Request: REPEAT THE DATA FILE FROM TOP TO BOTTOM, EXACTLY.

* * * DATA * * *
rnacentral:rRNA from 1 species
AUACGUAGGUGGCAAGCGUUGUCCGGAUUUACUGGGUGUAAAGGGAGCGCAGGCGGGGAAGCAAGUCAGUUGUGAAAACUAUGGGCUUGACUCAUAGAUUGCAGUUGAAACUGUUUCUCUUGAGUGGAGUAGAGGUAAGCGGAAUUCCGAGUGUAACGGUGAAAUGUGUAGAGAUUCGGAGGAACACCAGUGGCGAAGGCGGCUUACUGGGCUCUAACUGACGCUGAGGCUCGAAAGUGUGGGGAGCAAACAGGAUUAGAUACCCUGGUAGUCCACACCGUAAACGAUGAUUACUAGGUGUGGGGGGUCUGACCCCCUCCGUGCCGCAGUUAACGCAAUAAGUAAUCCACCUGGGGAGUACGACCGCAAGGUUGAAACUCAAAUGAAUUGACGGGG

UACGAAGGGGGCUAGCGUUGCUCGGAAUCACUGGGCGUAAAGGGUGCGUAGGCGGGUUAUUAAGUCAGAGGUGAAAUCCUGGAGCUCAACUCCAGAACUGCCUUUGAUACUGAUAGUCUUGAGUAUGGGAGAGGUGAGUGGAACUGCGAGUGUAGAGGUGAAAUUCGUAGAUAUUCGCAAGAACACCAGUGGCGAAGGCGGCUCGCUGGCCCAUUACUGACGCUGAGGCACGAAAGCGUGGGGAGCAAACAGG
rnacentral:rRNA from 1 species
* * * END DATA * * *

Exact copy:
rnacentral:rRNA from 1 species
AUACGUAGGUGGCAAGCGUUGUCCGGAUUUACUGGGUGUAAAGGGAGCGCAGGCGGGGAAGCAAGUCAGUUGUGAAAACUAUGGGCUUGACUCAUAGAUUGCAGUUGAAACUGUUUCUCUUGAGUGGAGUAGAGGUAAGCGGAAUUCCGAGUGUAACGGUGAAAUGUGUAGAGAUUCGGAGGAACACCAGUGGCGAAGGCGGCUUACUGGGCUCUAACUGACGCUGAGGCUCGAAAGUGUGGGGAGCAAACAGGAUUAGAUACCCUGGUAGUCCACACCGUAAACGAUGAUUACUAGGUGUGGGGGGUCUGACCCCCUCCGUGCCGCAGUUAACGCAAUAAGUAAUCCACCUGGGGAGUACGACCGCAAGGUUGAAACUCAAAUGAAUUGACGGGG

UACGAAGGGGGCUAGCGUUGCUCGGAAUCACUGGGCGUAAAGGGUGCGUAGGCGGGUUAUUAAGUCAGAGGUGAAAUCCUGGAGCUCAACUCCAGAACUGCCUUUGAUACUGAUAGUCUUGAGUAUGGGAGAGGUGAGUGGAACUGCGAGUGUAGAGGUGAAAUUCGUAGAUAUUCGCAAGAACACCAGUGGCGAAGGCGGCUCGCUGGCCCAUUACUGACGCUGAGGCACGAAAGCGUGGGGAGCAAACAGG
rnacentral:rRNA from 1 species